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What does good e-learning look like?


Shape the MLearning RevolutionI think we’ve all seen and suffered examples of bad e-learning and I’m certainly building up a pretty good picture of all the ways in which eLearning can go wrong.  But I’m less sure about exactly what GOOD e-learning looks like.  I’m hoping that this blog post will be just the beginning of the conversation and that you’ll comment with your ideas of what makes good e-learning, or with links to good examples.

 

Shouldn’t we just drop the ‘e’?

One point of view that I’ve had shared with me frequently when talking about e-learning is that the ‘e’ is the barrier.  That e-learning is simply a new generation of learning and that that little old ‘e’ erects all kinds of unnecessary barriers.

 

I agree to a certain extent – yes, e-learning is learning and we need to apply all the rigour we would apply to learning in this newer context.  BUT we can’t forget the fact that it’s e-learning.  It’s special and different because of the way it’s delivered and we need to ensure that we optimise that channel.  In the same way that you can do banking and online banking and they both fulfil the same functions but in two entirely different ways; you can do learning or e-learning… I’m sure that banks invest a huge amount of time, energy and effort into ensuring their online banking systems are user friendly and effective and the same should be true of all e-learning.  It’s not enough simply to bung some learning materials online.  In my opinion you have to go far beyond simply making learning materials electronic before they can be classed as e-learning.

 

e-teaching vs e-learning

In physical classrooms, there was a time when it was considered enough to write information on the black board, tell the kids to copy it down and have them learn it by rote.  We’ve learnt a lot about pedagogy in the meantime and these days we would consider that practice to be a form of very bad teaching which was entirely un-learner focused.  A lot of e-learning is still at that stage – in that it is still simply e-teaching – and bad e-teaching at that.  Less enlightened e-teachers simply present slide after slide of information and expect their learners to take it on board in a way that their knowledge of pedagogy would tell them would never happen in the physical classroom.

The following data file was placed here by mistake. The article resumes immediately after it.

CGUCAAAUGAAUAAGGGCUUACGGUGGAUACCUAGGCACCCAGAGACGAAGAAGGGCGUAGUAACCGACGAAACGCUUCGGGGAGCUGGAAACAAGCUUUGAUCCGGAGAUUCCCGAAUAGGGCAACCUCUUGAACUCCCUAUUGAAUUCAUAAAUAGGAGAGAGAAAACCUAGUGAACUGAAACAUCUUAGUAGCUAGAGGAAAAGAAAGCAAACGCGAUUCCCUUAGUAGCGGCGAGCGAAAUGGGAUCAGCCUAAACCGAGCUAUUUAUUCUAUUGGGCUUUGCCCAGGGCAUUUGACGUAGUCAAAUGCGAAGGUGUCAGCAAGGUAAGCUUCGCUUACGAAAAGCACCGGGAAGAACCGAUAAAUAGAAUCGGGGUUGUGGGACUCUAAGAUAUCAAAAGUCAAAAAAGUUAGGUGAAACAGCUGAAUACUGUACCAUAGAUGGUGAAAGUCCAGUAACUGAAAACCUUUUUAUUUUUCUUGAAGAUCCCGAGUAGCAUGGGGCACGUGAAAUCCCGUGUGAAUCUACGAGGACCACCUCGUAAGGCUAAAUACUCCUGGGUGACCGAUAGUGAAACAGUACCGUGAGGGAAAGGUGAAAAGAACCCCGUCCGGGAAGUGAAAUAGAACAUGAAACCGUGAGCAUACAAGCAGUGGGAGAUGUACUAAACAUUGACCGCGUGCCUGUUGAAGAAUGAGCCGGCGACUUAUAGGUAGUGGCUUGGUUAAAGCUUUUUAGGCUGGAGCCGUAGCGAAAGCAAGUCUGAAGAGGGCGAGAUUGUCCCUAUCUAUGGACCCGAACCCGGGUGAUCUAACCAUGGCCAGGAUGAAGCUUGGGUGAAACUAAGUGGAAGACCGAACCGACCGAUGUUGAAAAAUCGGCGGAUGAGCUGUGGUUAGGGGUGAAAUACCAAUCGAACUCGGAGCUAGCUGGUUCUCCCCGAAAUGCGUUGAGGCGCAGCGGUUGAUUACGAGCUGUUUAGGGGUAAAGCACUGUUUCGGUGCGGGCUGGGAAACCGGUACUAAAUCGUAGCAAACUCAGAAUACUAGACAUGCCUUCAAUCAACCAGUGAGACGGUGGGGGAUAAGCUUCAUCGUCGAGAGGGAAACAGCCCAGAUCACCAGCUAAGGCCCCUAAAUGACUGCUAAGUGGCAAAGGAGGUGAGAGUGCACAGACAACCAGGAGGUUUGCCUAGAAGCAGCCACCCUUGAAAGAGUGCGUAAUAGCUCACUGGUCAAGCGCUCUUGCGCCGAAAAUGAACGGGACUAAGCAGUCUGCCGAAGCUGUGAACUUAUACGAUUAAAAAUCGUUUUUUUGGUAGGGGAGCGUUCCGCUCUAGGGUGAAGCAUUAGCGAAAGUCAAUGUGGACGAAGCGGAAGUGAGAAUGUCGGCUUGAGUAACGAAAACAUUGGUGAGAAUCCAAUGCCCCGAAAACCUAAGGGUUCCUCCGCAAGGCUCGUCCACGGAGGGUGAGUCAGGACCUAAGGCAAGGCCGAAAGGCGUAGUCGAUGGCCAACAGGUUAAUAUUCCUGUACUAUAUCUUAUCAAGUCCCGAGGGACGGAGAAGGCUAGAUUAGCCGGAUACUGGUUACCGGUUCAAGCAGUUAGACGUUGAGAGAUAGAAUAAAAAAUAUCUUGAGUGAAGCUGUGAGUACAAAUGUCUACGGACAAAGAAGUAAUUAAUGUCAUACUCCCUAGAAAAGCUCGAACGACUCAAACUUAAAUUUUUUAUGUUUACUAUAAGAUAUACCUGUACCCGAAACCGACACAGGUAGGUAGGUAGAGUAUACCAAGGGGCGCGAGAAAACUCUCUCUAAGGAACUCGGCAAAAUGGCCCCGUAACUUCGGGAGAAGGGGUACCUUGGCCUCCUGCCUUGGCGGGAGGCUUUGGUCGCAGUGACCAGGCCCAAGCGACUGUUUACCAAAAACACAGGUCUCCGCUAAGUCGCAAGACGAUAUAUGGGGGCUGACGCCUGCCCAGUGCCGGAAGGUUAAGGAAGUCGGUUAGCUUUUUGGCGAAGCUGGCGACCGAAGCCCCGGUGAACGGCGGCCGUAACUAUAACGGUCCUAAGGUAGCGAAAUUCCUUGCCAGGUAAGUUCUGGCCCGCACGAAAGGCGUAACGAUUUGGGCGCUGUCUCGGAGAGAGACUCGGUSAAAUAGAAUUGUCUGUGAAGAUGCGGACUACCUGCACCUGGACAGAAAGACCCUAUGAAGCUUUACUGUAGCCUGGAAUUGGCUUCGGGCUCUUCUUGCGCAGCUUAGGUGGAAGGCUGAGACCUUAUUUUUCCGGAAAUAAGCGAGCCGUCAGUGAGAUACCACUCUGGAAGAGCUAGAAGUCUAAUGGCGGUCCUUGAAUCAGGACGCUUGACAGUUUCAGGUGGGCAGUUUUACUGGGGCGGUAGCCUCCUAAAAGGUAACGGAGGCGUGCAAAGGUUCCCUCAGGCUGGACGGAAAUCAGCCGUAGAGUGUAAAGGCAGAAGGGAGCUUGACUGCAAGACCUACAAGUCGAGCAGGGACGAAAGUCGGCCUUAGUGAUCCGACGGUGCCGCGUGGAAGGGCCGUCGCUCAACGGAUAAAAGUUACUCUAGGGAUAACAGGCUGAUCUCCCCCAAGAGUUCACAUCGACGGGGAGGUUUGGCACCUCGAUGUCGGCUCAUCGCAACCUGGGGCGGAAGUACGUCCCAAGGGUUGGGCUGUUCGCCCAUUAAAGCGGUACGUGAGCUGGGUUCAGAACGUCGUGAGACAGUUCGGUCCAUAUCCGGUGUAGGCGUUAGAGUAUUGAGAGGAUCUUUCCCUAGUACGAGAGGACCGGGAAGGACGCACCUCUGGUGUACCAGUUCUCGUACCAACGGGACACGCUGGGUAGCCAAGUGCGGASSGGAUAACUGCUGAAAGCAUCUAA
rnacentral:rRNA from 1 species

It’s not just a jazzed up PowerPoint

So we come to one of the key issues with e-learning.  The tools that can be used to facilitate e-learning solutions seem very familiar when you start using them – it’s very much like putting together a jazzed up PowerPoint.  And if you’re not careful that’s exactly what you’ll end up with.  But e-learning should be a far deeper and richer learning experience than that.

 

Technology as a facilitator

Rather than acting as some kind of strait jacket – forcing you to produce a shallow PowerPoint style experience – technology should be used as a means of enriching and facilitating the learning experience.  When you’re working online you suddenly have access to limitless resources and a whole world of possibilities.  Many teachers are very gifted at embracing technology in the classroom and using it to enrich the learning experience and to really engage learners.  The skill is in bottling that excitement and passion and recreating it online, ensuring that technology enables the e-learner to embrace and explore the concepts being taught.

 

Engaging and relevant tasks

Creating engagement is absolutely key.  It’s hard enough in a face to face environment even though we have the opportunity to respond to our learners’ responses and tailor our teaching to match their needs and interests.  With a lot of e-learning (though not all) this facility is lost as the learning pathway is pre-prescribed so it’s more important than ever that tasks are engaging and relevant to your learners.  This is a tough job and one that can often be best found through trial and error.  In my opinion, it is critical that e-lessons should not ever be considered a finished product.  They should evolve and change in response to learners’ outcomes in much the same way you would adapt your offline lesson plans.